The case for Demand Planner
In today’s dynamic business environment, having an accurate demand plan is crucial for companies to effectively manage their supply chain, optimize inventory levels, and meet customer demands. When it comes to forecasting, there are three primary approaches to consider: relying solely on sales forecasts, relying solely on statistical forecasts, or adopting a hybrid model that combines both approaches, often referred to as Sales & Operations Planning (S&OP). Each approach has its own benefits and drawbacks, but the key is to select one and measure its historical accuracy to continuously improve and optimize your demand plan for the future.
Option 1 – Sales forecast
The first approach, relying solely on sales forecasts, involves leveraging the knowledge and insights of the sales team to predict future demand. Sales forecasts are typically based on factors such as market trends, customer feedback, and sales pipeline data. This approach allows for a more qualitative assessment of demand and takes into account factors that might not be captured in statistical models. Sales forecasts can be particularly useful when launching new products or operating in highly volatile or niche markets where historical data may not be as reliable.
Option 2 – Statistical forecast
The second approach, relying solely on statistical forecasts, involves using historical data to identify patterns and trends that can be used to predict future demand. Statistical forecasting models utilize advanced statistical techniques and algorithms to analyze historical sales data, seasonality, trends, and other relevant factors. This approach is particularly useful when dealing with large datasets and stable demand patterns. Statistical forecasts offer a more quantitative and data-driven approach, which can be beneficial in industries with a high degree of demand stability and predictability.
Option 3 – Hybrid Model
The third approach, the hybrid model, or S&OP, combines both sales and statistical forecasts. This approach recognizes that both qualitative insights from the sales team and quantitative analysis from statistical models are valuable inputs for accurate demand planning. By combining the two, companies can leverage the strengths of each approach and mitigate their respective weaknesses. S&OP enables a more holistic view of demand, incorporating both market knowledge and historical data analysis. This approach is especially useful when there is a need to balance the accuracy of statistical models with the expertise and insights of the sales team.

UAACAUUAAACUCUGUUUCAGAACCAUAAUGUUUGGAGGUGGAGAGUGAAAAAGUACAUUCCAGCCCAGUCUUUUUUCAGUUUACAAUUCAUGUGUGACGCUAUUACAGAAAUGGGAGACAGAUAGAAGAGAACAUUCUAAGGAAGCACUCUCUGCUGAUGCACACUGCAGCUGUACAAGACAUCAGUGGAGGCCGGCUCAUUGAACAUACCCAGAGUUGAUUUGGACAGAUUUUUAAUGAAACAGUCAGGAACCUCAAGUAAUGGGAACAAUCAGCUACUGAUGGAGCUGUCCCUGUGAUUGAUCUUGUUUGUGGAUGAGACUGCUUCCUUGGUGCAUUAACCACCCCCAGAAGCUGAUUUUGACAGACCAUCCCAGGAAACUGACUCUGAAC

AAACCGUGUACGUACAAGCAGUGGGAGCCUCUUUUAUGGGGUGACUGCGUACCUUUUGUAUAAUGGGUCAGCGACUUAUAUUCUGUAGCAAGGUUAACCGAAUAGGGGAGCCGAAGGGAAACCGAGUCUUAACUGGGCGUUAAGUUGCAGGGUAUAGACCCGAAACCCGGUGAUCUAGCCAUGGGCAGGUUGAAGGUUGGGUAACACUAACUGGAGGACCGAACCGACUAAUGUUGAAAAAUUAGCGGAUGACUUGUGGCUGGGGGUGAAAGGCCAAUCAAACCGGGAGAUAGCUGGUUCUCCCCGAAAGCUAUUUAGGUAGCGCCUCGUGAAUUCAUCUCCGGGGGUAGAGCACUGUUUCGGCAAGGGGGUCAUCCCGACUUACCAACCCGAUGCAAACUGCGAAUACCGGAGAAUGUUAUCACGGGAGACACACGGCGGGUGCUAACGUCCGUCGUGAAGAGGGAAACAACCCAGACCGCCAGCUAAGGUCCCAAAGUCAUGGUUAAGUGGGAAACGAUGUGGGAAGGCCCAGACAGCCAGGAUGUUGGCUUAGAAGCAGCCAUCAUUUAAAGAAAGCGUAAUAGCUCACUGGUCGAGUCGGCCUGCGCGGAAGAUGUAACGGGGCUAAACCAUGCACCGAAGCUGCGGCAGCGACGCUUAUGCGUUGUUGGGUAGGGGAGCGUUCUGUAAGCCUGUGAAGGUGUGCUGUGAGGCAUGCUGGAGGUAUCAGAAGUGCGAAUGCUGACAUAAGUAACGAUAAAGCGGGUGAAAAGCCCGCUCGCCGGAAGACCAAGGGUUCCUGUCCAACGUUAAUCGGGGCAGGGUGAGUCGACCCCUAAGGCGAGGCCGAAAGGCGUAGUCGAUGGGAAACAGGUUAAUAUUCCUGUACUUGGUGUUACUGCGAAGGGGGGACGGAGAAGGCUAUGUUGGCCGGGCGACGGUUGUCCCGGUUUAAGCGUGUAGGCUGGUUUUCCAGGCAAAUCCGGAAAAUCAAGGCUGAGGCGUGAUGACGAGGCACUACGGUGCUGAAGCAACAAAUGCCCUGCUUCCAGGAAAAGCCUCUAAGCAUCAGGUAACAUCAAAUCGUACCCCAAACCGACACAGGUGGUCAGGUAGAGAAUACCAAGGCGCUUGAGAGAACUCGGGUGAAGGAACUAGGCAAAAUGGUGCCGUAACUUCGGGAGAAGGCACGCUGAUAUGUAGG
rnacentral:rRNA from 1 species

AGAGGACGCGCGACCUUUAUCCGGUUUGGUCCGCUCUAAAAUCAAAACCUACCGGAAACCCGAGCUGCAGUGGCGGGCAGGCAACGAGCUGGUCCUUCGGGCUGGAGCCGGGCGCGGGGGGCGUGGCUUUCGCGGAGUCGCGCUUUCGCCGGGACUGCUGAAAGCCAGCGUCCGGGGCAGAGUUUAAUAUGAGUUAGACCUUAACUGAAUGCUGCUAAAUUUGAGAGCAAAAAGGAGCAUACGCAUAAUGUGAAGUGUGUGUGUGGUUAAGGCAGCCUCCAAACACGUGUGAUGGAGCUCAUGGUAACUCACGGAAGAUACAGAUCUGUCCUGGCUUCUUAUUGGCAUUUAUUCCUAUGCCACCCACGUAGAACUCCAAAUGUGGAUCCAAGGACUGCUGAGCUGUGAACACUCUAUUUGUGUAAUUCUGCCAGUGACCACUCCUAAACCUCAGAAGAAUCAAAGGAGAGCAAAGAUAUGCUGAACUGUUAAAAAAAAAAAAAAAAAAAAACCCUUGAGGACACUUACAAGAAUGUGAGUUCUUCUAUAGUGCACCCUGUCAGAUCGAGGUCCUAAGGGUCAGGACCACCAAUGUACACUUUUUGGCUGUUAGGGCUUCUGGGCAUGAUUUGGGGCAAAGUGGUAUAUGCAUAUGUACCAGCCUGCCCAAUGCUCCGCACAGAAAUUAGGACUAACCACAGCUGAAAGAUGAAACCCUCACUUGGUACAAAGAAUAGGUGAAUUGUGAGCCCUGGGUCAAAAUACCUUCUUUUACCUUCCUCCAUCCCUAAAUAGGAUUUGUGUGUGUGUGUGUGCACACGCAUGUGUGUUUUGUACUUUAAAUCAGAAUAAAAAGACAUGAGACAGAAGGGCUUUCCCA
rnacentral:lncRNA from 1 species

Now, why is it not an option to pick one of these approaches and evaluate the historical accuracy of your demand plan? The answer lies in the age-old adage: “Whatever is measured, is improved.” By selecting one approach and consistently measuring its accuracy against actual demand, you can identify any discrepancies and areas for improvement. This evaluation process allows you to fine-tune your demand planning methodology, refine your forecasting techniques, and optimize your inventory levels. It also helps you identify any biases or limitations in your chosen approach, enabling you to make informed adjustments to improve the accuracy of your demand plan.
Furthermore, by evaluating the historical accuracy of your demand plan, you can identify patterns and trends in your forecasting errors. This analysis provides valuable insights into the factors that influence demand and helps you better understand the drivers behind forecast accuracy. Armed with this knowledge, you can make more informed decisions and take proactive measures to mitigate risks and uncertainties in the future.
Summing it up
In a nutshell choosing one approach for your demand planning, be it sales forecasts, statistical forecasts, or a hybrid model, is essential for evaluating the historical accuracy of your demand plan. The continuous measurement and improvement of your forecasting methodology are critical for optimizing your supply chain, managing inventory levels, and meeting customer demands. Remember, whatever is measured, is improved. So, pick your approach, measure its accuracy, and embark on a journey of continuous improvement in demand planning.